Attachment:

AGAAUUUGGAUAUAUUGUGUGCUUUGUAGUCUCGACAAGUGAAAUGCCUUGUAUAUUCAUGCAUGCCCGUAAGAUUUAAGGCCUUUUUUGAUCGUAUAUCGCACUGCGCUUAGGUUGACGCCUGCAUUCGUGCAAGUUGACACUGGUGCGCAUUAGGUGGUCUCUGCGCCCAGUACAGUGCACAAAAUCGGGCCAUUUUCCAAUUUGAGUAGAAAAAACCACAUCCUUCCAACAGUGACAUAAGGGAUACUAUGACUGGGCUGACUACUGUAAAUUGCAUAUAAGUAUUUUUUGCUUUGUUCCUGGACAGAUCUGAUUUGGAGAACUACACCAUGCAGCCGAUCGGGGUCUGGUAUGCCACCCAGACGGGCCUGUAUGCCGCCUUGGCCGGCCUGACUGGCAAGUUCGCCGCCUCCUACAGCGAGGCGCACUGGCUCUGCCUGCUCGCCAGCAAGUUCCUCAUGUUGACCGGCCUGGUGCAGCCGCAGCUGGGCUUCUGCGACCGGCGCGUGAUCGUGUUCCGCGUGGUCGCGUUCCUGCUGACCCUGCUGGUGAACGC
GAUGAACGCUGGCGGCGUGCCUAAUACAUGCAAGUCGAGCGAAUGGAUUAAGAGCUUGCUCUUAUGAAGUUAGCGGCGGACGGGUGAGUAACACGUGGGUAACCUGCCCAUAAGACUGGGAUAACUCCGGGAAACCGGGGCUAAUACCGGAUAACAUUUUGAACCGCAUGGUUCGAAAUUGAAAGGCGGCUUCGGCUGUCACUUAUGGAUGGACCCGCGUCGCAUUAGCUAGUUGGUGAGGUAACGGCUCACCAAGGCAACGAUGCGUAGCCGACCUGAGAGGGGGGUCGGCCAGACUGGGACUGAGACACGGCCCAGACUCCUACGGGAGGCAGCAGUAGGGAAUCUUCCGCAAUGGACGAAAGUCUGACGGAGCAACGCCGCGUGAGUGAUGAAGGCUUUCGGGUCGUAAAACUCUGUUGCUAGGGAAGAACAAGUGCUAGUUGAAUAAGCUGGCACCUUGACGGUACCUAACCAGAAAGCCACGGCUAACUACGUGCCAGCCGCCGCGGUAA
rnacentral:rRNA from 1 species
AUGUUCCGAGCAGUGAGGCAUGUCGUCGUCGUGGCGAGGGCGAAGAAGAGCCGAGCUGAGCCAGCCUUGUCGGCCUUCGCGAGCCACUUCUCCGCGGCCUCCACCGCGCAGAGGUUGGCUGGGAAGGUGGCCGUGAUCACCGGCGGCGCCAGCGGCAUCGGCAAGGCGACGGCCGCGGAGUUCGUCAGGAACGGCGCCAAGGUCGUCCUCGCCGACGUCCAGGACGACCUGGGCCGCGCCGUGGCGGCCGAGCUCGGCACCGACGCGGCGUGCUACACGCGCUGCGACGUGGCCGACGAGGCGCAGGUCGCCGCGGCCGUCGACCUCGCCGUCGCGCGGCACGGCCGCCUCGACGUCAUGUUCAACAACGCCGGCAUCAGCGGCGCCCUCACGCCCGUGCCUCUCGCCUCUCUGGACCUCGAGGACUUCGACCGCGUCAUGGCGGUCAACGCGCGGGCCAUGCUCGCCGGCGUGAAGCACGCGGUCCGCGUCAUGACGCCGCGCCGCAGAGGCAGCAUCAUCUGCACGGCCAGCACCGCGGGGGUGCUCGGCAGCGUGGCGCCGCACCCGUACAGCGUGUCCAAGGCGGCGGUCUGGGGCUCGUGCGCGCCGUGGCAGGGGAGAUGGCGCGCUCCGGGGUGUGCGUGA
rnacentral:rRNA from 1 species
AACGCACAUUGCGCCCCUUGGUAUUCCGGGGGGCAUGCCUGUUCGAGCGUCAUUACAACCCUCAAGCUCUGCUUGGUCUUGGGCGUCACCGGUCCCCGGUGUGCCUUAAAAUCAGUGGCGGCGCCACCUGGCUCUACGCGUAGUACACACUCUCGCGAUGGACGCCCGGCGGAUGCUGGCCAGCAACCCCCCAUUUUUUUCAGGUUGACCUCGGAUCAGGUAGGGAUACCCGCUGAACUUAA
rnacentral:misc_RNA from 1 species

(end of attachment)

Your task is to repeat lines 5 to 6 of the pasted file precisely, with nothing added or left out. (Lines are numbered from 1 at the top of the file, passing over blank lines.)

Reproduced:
rnacentral:rRNA from 1 species
AACGCACAUUGCGCCCCUUGGUAUUCCGGGGGGCAUGCCUGUUCGAGCGUCAUUACAACCCUCAAGCUCUGCUUGGUCUUGGGCGUCACCGGUCCCCGGUGUGCCUUAAAAUCAGUGGCGGCGCCACCUGGCUCUACGCGUAGUACACACUCUCGCGAUGGACGCCCGGCGGAUGCUGGCCAGCAACCCCCCAUUUUUUUCAGGUUGACCUCGGAUCAGGUAGGGAUACCCGCUGAACUUAA